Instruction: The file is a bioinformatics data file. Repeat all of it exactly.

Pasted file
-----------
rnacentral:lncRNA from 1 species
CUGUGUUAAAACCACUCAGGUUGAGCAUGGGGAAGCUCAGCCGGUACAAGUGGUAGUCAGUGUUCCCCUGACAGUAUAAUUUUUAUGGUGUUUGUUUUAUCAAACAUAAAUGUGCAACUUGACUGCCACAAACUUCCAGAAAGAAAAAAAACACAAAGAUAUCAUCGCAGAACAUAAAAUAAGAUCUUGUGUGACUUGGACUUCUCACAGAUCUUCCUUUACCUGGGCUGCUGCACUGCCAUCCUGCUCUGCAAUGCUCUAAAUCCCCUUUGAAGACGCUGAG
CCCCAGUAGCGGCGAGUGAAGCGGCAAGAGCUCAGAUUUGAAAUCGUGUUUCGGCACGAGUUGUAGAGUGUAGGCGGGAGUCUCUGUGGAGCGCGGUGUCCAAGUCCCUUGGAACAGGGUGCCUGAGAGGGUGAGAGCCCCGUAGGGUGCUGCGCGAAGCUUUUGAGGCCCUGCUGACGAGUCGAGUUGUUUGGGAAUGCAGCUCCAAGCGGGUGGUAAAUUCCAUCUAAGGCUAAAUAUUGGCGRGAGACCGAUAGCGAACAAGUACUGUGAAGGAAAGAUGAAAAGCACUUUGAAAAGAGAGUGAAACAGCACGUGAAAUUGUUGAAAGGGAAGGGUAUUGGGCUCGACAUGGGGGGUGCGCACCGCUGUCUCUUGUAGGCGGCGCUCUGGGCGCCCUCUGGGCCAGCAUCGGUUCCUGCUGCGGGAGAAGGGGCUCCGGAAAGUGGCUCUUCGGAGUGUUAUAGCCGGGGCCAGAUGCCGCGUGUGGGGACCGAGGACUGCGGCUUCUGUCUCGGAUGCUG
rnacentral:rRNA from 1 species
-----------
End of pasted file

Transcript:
rnacentral:lncRNA from 1 species
CUGUGUUAAAACCACUCAGGUUGAGCAUGGGGAAGCUCAGCCGGUACAAGUGGUAGUCAGUGUUCCCCUGACAGUAUAAUUUUUAUGGUGUUUGUUUUAUCAAACAUAAAUGUGCAACUUGACUGCCACAAACUUCCAGAAAGAAAAAAAACACAAAGAUAUCAUCGCAGAACAUAAAAUAAGAUCUUGUGUGACUUGGACUUCUCACAGAUCUUCCUUUACCUGGGCUGCUGCACUGCCAUCCUGCUCUGCAAUGCUCUAAAUCCCCUUUGAAGACGCUGAG
CCCCAGUAGCGGCGAGUGAAGCGGCAAGAGCUCAGAUUUGAAAUCGUGUUUCGGCACGAGUUGUAGAGUGUAGGCGGGAGUCUCUGUGGAGCGCGGUGUCCAAGUCCCUUGGAACAGGGUGCCUGAGAGGGUGAGAGCCCCGUAGGGUGCUGCGCGAAGCUUUUGAGGCCCUGCUGACGAGUCGAGUUGUUUGGGAAUGCAGCUCCAAGCGGGUGGUAAAUUCCAUCUAAGGCUAAAUAUUGGCGRGAGACCGAUAGCGAACAAGUACUGUGAAGGAAAGAUGAAAAGCACUUUGAAAAGAGAGUGAAACAGCACGUGAAAUUGUUGAAAGGGAAGGGUAUUGGGCUCGACAUGGGGGGUGCGCACCGCUGUCUCUUGUAGGCGGCGCUCUGGGCGCCCUCUGGGCCAGCAUCGGUUCCUGCUGCGGGAGAAGGGGCUCCGGAAAGUGGCUCUUCGGAGUGUUAUAGCCGGGGCCAGAUGCCGCGUGUGGGGACCGAGGACUGCGGCUUCUGUCUCGGAUGCUG
rnacentral:rRNA from 1 species